How does an energy deal decades in the making go from the back burner to signed, sealed, delivered in a few weeks? Simple – find motivated buyers and sellers. In this case, Russia and China have found common cause for compromise after years of negotiations, motivated by the perception of meddling from the United States and the desire to find alternate streams of energy and revenue that are tied to more sympathetic global partners.
Past the obvious gains (gas for China, money for Russia) here’s how this deal could profit each nation:
Russia is under increasing international pressure over its conduct in Ukraine, including recent U.S. sanctions against individual Russians involved in the 2009 death of Russian lawyer Sergei Magnitsky that are widely viewed as politically motivated (the sanctions were in the works before the Sochi Olympics, but delayed over fear of upsetting the host country). With the threat of more sanctions and the perception that Russia has lost control over the security picture in Eastern Ukraine, the energy deal helps right Russia’s ship, lends an air of stability, and ties Russia closer to a country that is more sympathetic to its operating style and similarly bothered by the United States’ refereeing. Underlying it all is the $400 billion price tag and thirty years of guaranteed patronage from the world’s second largest economy.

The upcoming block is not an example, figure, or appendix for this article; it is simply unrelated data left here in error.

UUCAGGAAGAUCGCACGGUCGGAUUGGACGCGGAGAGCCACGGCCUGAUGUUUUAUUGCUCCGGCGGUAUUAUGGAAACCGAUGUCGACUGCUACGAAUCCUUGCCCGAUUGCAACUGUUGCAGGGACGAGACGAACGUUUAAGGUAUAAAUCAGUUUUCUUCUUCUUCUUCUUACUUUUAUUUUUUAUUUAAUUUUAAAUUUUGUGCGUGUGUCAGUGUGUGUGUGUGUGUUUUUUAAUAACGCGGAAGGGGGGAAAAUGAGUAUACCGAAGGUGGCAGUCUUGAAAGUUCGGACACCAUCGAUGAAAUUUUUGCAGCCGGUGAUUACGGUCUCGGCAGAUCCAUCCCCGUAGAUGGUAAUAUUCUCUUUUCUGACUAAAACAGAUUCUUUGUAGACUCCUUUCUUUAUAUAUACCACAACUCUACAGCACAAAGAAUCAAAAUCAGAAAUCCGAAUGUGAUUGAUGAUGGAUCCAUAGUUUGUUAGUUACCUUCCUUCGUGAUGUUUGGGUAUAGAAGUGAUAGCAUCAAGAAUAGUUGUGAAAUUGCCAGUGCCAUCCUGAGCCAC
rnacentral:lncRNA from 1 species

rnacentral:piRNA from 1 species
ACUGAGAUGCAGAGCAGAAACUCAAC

China also gains much from the deal, beyond a much-needed flow of energy into a country desperate to expand its natural resource options. China has recently accused the U.S. of meddling in the Pacific, blaming the “Asian Pivot” as a catalyst for tensions in the South and East China Seas. By partnering with Russia in sidestepping America’s attempt to exert influence in their respective regions, China adds bite to their bark – showing the U.S. that despite being their primary trading partner that they are not the only trading partner or source of resources.
While it is unlikely that deals such as this could lead to a scenario where Russia, China, and other “sympathetic” nations dealt mainly or exclusively with each other (a la the closed economies of the 20th century), these deals are a canny power play by the two nations. Both wish to be seen as larger and more legitimate players on the global stage, and to circumvent the US both economically and diplomatically. The timing of this deal is perfect for both nations, and problematic for the US.